JERUSALEM — The two teenage cousins met after school, discussed the tensions surrounding the Aqsa Mosque and other issues angering the Palestinians. They decided to avenge their grievances with knives.
The younger one, Ahmad Manasra, 13, took a decorative six-inch blade from a cupboard in his parents’ bedroom, according to newly released legal documents. Hassan Manasra, 15, armed himself with a large kitchen knife. The pair then set off for a neighboring Jewish area of East Jerusalem.
Details of the case emerged on Monday when an Israeli court sentenced Ahmad to 12 years in prison for his role in the October 2015 stabbing attack that critically wounded an Israeli boy, who was 13 at the time, and an Israeli man. Hassan was fatally shot by police as he ran at them with his knife near the scene of the stabbings.
Grainy security camera footage that partly captured those events provided some of the most enduring images of the wave of violence that began that month and has since largely subsided.
The trial was not public because of the young age of the defendant. He was convicted in May of two counts of attempted murder.
According to legal documents released in the Jerusalem District Court’s sentencing decision, lawyers representing Ahmad argued that he had not actually stabbed anyone but that Hassan had. The state prosecutor called for “zero tolerance” toward young perpetrators, saying the court needed to send a message to deter others.
The panel of three judges wrote, “The accused and his partner equipped themselves in advance with sharp knives and sought to stab any Jew they came across and did not desist from stabbing a 13-year-old boy who was riding his bicycle near his house, in front of his younger brother.”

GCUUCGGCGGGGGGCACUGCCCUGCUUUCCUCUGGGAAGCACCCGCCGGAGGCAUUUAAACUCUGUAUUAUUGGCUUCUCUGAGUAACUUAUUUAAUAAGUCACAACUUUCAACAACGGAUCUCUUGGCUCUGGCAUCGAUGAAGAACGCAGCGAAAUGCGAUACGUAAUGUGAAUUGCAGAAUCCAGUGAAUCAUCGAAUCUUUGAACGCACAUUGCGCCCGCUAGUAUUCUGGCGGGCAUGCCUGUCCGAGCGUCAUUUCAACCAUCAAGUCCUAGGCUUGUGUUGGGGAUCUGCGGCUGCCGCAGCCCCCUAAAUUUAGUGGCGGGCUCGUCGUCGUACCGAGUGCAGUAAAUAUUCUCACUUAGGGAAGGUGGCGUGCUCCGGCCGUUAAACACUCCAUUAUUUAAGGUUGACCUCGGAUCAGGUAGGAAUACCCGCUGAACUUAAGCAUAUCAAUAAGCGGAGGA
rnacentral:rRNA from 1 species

The young victim, Naor Ben-Ezra, was leaving a candy store when he was stabbed four times in the neck and armpit, according to the court documents. He was taken to the hospital and received lifesaving treatment, the court said. The adult victim, a yeshiva student aged around 21, was wounded in the stomach and chest and suffered lung and liver damage.
Ahmad took responsibility for his actions and, according to the judges, expressed regret, saying he was “sorry about what happened with the boy.”
The same court on Monday sentenced a Palestinian woman to 11 years in prison for igniting a gas-filled balloon in her car and setting off an explosion, wounding herself and a police officer, as she approached a checkpoint in the West Bank in October 2015.
In another case, the court sentenced two Palestinian teenagers to 11 years in prison for a stabbing attack in the Old City of Jerusalem in January in which one civilian was wounded. The attackers were aged 14 and 16 at the time.
(via NY Times)